"Wesley offeres a finely drawn, original, ethnographic-political sudy of the Israeli power system in practice. He shows how bureaucratic-administrative state forces constrain the participation of Arab villagers in the establishment of a municipal industrial park authority. The strength of the work is...to encapsulate...the ongoing situation of its Arab citizens facing state manipulations and rationalizations." · Henry Rosenfeld, Professor (Emeritus) of Anthropology, University of Haifa Although the Israeli state subscribes to the principles of administrative fairness and equality for Jews and Arabs before the law, the reality looks very different. Focusing on Arab land loss inside Israel proper and the struggle over development resources, this study explores the interaction between Arab local authorities, their Jewish neighbors, and the agencies of the national government in regard to developing local and regional industrial areas. The author avoids reduction to simple models of binary domination, revealing instead a complex, multi-dimensional field of relations and ever-shifting lines of political maneuver and confrontation. He examines the prevailing concept of ethnic traditionalism and argues that the image of Arab traditionalism erects imaginary boundaries around the Arab localities, making government incursion disappear from view, while underpinning and rationalizing the exclusion of the Arab towns from development planning. Moreover, he shows how images of environmental protection mesh with and support such exclusion. The study includes a chronology of events, tables, maps, and photographs.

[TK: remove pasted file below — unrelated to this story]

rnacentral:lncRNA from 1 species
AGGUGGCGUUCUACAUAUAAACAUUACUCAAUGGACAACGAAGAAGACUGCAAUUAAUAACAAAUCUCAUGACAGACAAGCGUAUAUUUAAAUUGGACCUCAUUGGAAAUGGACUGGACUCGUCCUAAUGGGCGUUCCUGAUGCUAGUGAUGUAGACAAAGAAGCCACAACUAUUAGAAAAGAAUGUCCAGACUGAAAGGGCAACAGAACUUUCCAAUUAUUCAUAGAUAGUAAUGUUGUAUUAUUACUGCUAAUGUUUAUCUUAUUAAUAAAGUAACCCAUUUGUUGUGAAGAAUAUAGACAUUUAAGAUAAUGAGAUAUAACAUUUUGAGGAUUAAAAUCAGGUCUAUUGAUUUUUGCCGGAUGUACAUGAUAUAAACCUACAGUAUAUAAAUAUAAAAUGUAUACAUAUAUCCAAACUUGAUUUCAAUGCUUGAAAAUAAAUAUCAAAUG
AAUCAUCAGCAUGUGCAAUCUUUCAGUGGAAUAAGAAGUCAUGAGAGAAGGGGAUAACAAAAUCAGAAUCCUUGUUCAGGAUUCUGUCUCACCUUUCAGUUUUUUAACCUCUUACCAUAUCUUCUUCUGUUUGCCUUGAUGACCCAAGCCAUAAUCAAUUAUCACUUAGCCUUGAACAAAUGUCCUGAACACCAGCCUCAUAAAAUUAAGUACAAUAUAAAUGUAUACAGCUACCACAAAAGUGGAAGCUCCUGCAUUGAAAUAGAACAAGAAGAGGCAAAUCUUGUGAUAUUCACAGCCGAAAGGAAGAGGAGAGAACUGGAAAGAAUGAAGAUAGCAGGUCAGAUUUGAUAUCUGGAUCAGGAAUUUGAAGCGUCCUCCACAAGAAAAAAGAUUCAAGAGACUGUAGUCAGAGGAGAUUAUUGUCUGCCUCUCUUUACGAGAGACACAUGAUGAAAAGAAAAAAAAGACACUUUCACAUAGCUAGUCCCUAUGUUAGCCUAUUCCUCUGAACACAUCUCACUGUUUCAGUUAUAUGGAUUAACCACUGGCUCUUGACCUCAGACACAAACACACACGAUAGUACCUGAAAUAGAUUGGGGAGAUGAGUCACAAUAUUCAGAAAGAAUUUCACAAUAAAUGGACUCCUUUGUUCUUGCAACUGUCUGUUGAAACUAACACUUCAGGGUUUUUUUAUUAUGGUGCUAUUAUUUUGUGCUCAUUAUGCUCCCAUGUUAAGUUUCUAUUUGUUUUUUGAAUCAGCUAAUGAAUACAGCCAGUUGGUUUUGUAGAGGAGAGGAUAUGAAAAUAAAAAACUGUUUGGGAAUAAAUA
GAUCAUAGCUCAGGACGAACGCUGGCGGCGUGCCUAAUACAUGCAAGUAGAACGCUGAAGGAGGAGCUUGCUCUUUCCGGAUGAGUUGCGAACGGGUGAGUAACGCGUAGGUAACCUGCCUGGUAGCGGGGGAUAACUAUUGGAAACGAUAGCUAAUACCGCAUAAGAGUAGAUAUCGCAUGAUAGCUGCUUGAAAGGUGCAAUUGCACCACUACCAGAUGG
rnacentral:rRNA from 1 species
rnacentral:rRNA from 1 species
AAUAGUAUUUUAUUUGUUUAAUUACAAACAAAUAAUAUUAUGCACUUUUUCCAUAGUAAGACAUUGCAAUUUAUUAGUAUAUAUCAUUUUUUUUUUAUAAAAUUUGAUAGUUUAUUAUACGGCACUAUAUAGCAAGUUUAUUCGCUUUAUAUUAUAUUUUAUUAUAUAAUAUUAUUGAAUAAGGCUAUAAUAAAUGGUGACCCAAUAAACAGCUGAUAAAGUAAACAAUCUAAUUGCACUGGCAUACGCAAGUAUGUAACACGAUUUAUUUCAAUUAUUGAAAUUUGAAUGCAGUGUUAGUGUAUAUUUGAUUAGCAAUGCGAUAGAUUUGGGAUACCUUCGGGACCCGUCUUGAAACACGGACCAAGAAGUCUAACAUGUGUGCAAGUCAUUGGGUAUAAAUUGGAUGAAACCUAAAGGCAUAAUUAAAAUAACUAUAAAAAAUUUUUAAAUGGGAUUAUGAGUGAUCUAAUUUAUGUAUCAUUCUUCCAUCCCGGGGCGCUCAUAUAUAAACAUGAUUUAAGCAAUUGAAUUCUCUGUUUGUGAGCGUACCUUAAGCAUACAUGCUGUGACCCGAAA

Born in the United States, David A. Wesley came to Israel as a young adult and received his PhD in Anthropology at Tel Aviv University. For some years, he lived in a kibbutz before moving to a mixed Jewish-Arab neighborhood in Jaffa. He has been closely following events connected with Arab economic development in Israel since the beginning of the 1990s.